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Creatinine levels of 5.5
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jcnewhouse posted:
My mom has been sick for 6 weeks. She has been seeing her family doctor, who started tests and waiting around for a week on end to see her to discuss them. She had high numbers on her creatinine, so they schedule her for an ultra sound. They found a nothing on the ultrasound. They took more tests because she is so ill. Her levels are even higher. She is bedridden, sick, tired, legs and ankles so swelled she can't walk, no appetite, not urinating, ect. The doctor said have her stop taking her meds and come see him in three days. Does this sound unusual. My father is taking care of her, and us children do not think she is in good care of this doctor. We are scared of course. She does not look good at all. We are fearing the worse.
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jennsewcute2000 responded:
A family Doctor can only do some much when it comes to Kidney dieseses.. So, your best bet will be research on a Nephrologist & see what more test they can take for Kidney related issues.
I have had two Kidney transplants .. so the symtoms are what i experianced before i got diagnosted.Not to worry you or anything.. but you must have her be seen right away.. so you can get the proper answers you seek in her condition.This is a serious issue.. & is often what they call the silent killer.. so get her to a specialist soon.
 
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john-skpt responded:
The question of stopping meds depends on what the medications are.

She probably needs to be referred to a nephrologist, and sooner is better than later.

Obviously there are a lot of factors to be cconsidered here, like how rapid was the onset? Has the creatinine been creeping higher for years and this is just a sudden spike, or were the more or less normal until a few weeks ago, then rose suddenly? We just don't have enough info here to start guessing.
 
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jcnewhouse replied to john-skpt's response:
Thank you for your reply, and so soon. We have been seeing a downside to her personality, mobility and physical condition in the past 4 months. We really noticed 7-8 weeks ago, that she seemed dazed and struggling with her energy level. My dad and us children discussed this issue and he brought her to his fam doctor. They ran blood work to start. Noticed a few things that were spiked, kidney numbers and heart numbers. They then schedule her for the ultrasound, found nothing on the kidneys or heart, but did find a aneurysm. Refered her to a another doctor. Did not do anything more for her. She seen the other doctor 2.5 weeks later and the doctor said she will need surgery at some point, but the aneurysm is not dangerous at this point, but she has other underlying issues to take care of, then he referred her to heart specialist, but not for another 6 weeks. We then asked dad to take her back to his family doc to take another look at her, as she is now bed ridden and in such fragile shape, they ran more tests and asked my father to stop her 8 meds that they prescribe to her, variety of blood pressure, water pills, cholesterol, ect. two of the 8 are potentially dangerous for your kidneys. She did stop, this is the sec day, and no results. I am sure it takes a few to get the drugs (of 10 years) out of your system. She just seams to be in a dangerous zone of illness to be shipped around doc to doc without any care of her symptoms. We may be over-reacting as we are scared too.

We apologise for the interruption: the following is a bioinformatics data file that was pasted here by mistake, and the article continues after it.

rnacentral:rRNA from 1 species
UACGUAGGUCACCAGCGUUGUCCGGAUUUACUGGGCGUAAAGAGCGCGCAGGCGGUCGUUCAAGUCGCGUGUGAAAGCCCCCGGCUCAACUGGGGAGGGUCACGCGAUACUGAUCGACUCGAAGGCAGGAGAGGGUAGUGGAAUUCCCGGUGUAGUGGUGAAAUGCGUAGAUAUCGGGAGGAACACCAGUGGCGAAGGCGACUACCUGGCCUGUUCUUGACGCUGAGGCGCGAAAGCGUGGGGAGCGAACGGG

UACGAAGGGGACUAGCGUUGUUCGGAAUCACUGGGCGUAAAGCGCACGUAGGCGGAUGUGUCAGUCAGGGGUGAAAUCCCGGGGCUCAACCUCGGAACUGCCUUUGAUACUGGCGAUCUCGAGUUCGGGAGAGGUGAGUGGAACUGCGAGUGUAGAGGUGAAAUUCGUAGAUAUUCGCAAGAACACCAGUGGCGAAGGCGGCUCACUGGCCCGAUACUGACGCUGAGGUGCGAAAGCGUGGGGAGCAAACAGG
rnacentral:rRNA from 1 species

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shar12 replied to jennsewcute2000's response:
I've just found out that I have End Renal Failure and I too, would like to skip dialaysis. Could you please tell me what foods that you found to be helpful. And any other information would be greatly appreciated.
 
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john-skpt replied to shar12's response:
There is not a general list of good or bad foods; recommended foods will vary with each patient and will change from time to time. Physicians and renal dieticians make these judgments based on periodic blood tests. (Some patients have very high phosphorus, others don't; some have dangerously high potassium levels, some don't. There just is no general rule about what to eat and what not to eat.)

You really need to be in touch with a qualified nephrologist on a regular basis.


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